If you've never heard, or even imagined, the jazz and funk music of Ethiopia, I heartily suggest you to check it out. It is quite unlike the better-known forms of African popular music, and reflects the distinctive culture that developed in the Horn of Africa. The best-known master of the genre is Mulatu Astatqe (or Astatke), whose brilliant instrumental tunes sound like American jazzmen getting drugged out and lost in some shady bar in Addis. But there are a host of other names - Mahmoud Ahmed, Tilahun Gesesse and Alemayehu Esheta are a few - who are responsible for a rich body of beautiful music.
When French record label Buda Music released the Ethiopiques series compiling Ethio-pop, funk and jazz from the 60s and 70s, it generated significant interest from fans in the West. In recent years, hip-hop producers hungry for new and interesting beats have taken to sampling Ethiopian artists.
The one track that hip-hop producers can't seem to get enough of is Mulatu Astatqe's Yegelle Tezeta, and with its spiky horns and solid beat it's easy to see why. I have heard it sampled in at least 3 different songs, each focusing on different riffs.
As We Enter, from Nas and Damian Marley's new Distant Cousins album, features Marley's ragga chat riding the groove particularly well and nicely trading verses with Queensbridge's finest. I do find the overall track a bit messy at times, however.
But ABCs, from Somali-Canadian rapper K'Naan is a little more effective in utilising the Mulatu sample. I first heard this in a shopping centre in Kuala Lumpur, of all places, and recognised the distinctive horn line.
However the first track to sample Ethiopian funk that I ever heard was On My Way Home by Earl Zinger (former frontman of British acid jazz outfit Galliano). Don't fancy the vocals so much on this one, but like how it emphasises the mysterious burbling organ of Mulatu's song.
Another Ethiopian sample appears on Common's The Game (on his chart-topping Finding Forever album). Production is by Kanye West and scratches by DJ Premier.
It's based around a snatch from Tezeta by Seyfou Yohannes. There's a lot to dislike about Kanye West, but credit where it's due - he has some good taste in music and a real ear for a sample. To listen to the opening few seconds of Tezeta and decide it could be the foundation of a slammin' hip-hop joint takes some real nous.
I mentioned K'Naan earlier, and the guy clearly has a thing for Ethiopian music, as his album is stacked with samples of the stuff. Given the cultural ties between Ethiopia and his homeland of Somalia, it's hardly surprising. Check out Dreamer:
And neither is it surprising that he would sample Alemayehu Esheta's track Tey Gedyeleshem; it is an absolutely butt-kicking funk track from the early 70s. It is quite fascinating how an artist like Alemayehu or Mulatu can absorb black American grooves and then transform them into something thoroughly their own.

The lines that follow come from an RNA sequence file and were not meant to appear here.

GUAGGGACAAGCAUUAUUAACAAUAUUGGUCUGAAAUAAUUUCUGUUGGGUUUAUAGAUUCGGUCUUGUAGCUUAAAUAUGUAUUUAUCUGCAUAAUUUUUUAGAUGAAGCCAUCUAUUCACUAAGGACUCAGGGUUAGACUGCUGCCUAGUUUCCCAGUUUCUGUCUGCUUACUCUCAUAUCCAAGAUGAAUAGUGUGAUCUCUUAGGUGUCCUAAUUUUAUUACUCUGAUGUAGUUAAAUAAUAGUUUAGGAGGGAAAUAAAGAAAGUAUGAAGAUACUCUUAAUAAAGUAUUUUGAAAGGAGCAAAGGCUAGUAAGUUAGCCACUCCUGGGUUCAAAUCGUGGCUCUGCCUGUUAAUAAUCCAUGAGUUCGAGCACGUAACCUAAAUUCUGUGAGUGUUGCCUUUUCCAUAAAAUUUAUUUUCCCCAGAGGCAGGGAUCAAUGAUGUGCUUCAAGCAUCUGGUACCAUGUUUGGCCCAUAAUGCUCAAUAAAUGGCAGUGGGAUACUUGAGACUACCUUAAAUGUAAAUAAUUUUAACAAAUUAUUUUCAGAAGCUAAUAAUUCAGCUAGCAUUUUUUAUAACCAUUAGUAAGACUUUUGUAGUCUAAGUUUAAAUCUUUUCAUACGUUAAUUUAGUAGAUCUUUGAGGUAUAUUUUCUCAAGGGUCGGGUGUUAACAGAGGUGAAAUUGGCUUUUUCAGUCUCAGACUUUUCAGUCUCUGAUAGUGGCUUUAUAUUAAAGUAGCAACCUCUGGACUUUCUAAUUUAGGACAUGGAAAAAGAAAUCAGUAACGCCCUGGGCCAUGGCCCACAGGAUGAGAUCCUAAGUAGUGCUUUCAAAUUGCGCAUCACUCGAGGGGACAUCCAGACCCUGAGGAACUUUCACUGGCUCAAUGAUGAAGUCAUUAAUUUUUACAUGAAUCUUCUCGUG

More K'Naan, this time from my favourite track of his, the anthemic Somalia.
Somalia is based around this song from the legendary late Ethiopian vocalist Tilahun Gesesse. This version of Yene Mastawesha is actually a recent remake featuring synthesisers, and is not as moving as the original from 1963, which is the version K'Naan samples. But it's still quite awesome nonetheless.
Hip-hop beatmaker Oh No (brother of fellow hip-hop luminary Madlib) has taken his love of Ethiopian music ever further, releasing a whole instrumental album based on obscure samples of old Ethi grooves. He doesn't do a whole lot with them to be honest - mostly just doing some subtle editing and fattening up the beats to make it sound more contemporary. But that's a good thing, since the originals are pretty phat as they are, and don't need much alteration. Check out The Funk:
Seattle-based Ethiopian-American rapper Gabriel Teodros obviously figured he was the logical person to add rhymes to Oh No's grooves, which resulted in his Jitter Generation Mixtape. You can check that out here and download free tracks.
Finally, something that's not technically Ethiopian, yet belongs in this post nonetheless. Jay-Z's track Roc Boyz (and the Winner is...), from the American Gangster soundtrack, was named Rolling Stone's best track of 2007. It is entirely based around a sample of the Menahan Street Band's Make the Road by Walking. The Menahan Street Band may be a bunch of NYC hipsters (made up primarily of guys from The Dap Kings), but their debut album is basically a love letter to Mulatu Astatqe. Their entire modus operandi consists of adding a bit more American-style funk to Mulatu's distinctive arrangements - which of course, were modelled on American funk to begin with.
Here's a live version of Make the road by walking. It's quite a majestic track, and the horn arrangements are magic.
I have no doubt there is other contemporary music out there that samples Ethiopian funk, so if you know of some, let me know! I will post some more about Mulatu soon, because I absolutely love the guy's artistry. Also gonna look at rappers from the Ethiopian diaspora as well.
Mainstream hip-hop's Bollywood flirtations
From Bollywood to Black America and back - the evolution of a sample
Sitar grooves - US3's "You Can't Hold Me Down"
"That's not The Bump"